The thought of going on holiday, far away from every work-related activity, should be exciting. The fact that it’s a holiday makes it weird when you hear that there is a risk of depression. The common moniker for this is “holiday blues.” Though it remains an unofficial mental health issue, one can’t debunk its existence. This lays importance on mastering how to avoid depression during the holidays.
At that of the year, everywhere is all shades of red and green, but you feel down…blue. In spite of the celebrations around, you are suffering from a painful reflection, sadness, or loneliness. You get more prone to any or all of these because you have excess free time. There are several causes for these feelings.
Technically, holiday blues may be less serious than clinical depression. However, if you are on the addiction treatment and recovery journey, things can get pretty bad easily. Hence, the need for this article that explores the concept of holiday blues, addiction recovery, and everything else in between.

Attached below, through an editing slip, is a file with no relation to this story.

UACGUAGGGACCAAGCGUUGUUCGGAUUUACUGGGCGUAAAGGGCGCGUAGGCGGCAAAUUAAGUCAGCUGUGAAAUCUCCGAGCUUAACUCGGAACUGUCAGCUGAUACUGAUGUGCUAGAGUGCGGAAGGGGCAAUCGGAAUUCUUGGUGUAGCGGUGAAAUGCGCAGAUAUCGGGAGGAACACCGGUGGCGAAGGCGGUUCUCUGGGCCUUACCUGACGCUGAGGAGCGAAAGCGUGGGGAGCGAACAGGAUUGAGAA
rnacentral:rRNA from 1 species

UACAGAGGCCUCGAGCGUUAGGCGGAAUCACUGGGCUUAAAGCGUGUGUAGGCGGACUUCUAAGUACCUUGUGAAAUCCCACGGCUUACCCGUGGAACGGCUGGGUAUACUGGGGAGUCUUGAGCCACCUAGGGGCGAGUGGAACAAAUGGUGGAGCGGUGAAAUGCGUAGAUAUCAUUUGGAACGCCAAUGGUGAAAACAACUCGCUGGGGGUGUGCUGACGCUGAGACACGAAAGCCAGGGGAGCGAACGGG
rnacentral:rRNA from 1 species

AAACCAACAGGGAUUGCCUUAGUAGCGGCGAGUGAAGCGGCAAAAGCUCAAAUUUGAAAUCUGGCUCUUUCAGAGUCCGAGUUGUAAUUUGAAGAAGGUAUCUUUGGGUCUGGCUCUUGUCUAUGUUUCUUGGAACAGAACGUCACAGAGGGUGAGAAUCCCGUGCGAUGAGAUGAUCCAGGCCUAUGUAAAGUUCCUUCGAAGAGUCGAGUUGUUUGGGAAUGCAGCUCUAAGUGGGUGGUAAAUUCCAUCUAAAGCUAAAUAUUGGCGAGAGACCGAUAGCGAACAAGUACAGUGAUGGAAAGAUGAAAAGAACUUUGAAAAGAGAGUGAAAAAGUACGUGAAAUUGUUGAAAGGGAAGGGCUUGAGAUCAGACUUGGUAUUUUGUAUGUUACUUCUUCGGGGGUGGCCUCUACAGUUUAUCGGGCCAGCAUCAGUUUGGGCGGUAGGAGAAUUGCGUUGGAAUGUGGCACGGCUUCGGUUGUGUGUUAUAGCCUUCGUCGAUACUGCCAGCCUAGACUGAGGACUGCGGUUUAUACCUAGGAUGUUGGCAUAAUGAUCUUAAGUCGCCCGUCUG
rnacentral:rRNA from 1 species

How Depression and Addiction Influence Each Other
Depression and addiction are two common disorders in society. Both, however, have similarities. For one, they leave victims almost a shadow of their former selves. While both can occur exclusively, there are also times when they influence each other. The most common scenario being depression influencing addiction and the recovery process.
Also, according to research, substance abuse is common in people suffering from depression. This two-way relationship between addiction and depression is worth taking time to study.
For alcohol addicts, things can get really bad. Alcohol is a central nervous system depressant. Hence, an addiction to it can lead to depression. The user begins to show signs of lethargy, sadness, and hopelessness.
On the other hand, depressed individuals try to get drugs and other substances that can help them with the release of dopamine. This will lift their spirits and douse painful thoughts. Over time, this will only lead to addiction.